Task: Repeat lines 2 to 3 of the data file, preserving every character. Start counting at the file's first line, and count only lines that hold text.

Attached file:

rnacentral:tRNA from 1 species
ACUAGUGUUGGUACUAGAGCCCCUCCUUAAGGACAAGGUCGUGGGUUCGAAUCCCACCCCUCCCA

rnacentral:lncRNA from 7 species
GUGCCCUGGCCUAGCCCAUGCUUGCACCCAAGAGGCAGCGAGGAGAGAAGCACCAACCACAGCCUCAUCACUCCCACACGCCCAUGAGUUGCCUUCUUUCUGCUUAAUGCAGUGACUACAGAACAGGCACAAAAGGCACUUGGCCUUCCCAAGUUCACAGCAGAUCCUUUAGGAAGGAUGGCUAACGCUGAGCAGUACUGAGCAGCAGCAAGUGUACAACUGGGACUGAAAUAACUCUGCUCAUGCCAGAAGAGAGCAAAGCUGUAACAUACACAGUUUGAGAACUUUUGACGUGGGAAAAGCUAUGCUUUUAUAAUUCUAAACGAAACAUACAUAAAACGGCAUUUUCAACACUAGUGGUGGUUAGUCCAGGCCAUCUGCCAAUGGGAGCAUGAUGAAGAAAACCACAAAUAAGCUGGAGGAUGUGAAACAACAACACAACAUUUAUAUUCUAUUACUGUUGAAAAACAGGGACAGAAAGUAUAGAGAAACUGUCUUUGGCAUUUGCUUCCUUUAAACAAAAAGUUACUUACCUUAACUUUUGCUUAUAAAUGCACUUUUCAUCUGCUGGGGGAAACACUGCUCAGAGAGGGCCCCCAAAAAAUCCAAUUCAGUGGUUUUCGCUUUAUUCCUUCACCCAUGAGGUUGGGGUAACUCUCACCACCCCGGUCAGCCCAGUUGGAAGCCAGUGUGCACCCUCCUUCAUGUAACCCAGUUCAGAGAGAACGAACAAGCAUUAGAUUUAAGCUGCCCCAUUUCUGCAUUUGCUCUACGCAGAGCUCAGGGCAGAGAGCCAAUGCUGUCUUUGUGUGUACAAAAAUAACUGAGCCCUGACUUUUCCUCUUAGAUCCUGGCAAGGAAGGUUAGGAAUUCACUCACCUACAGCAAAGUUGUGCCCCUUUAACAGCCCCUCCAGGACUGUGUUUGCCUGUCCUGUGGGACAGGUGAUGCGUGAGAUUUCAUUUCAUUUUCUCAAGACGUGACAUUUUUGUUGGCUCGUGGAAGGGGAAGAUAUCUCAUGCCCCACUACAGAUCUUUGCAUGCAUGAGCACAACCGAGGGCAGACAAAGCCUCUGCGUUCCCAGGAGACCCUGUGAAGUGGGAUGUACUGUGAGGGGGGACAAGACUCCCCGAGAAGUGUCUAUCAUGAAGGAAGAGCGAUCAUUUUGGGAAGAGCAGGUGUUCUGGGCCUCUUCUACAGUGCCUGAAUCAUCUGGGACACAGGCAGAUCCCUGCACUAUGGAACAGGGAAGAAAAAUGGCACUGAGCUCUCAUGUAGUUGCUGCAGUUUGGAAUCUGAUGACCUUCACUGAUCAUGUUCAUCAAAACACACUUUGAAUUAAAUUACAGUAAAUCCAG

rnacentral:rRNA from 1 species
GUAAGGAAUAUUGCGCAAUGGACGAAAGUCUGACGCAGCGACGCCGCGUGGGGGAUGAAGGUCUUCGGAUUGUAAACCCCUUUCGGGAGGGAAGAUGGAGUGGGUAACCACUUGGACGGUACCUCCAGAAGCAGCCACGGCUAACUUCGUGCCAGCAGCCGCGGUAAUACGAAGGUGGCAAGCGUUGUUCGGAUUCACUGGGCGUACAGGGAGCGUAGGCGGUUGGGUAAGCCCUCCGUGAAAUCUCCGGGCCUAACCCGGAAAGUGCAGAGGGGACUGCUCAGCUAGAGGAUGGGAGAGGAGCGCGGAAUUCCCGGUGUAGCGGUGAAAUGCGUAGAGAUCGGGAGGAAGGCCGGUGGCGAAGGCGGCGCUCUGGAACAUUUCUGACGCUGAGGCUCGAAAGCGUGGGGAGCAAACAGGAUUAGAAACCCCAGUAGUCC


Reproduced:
ACUAGUGUUGGUACUAGAGCCCCUCCUUAAGGACAAGGUCGUGGGUUCGAAUCCCACCCCUCCCA

rnacentral:lncRNA from 7 species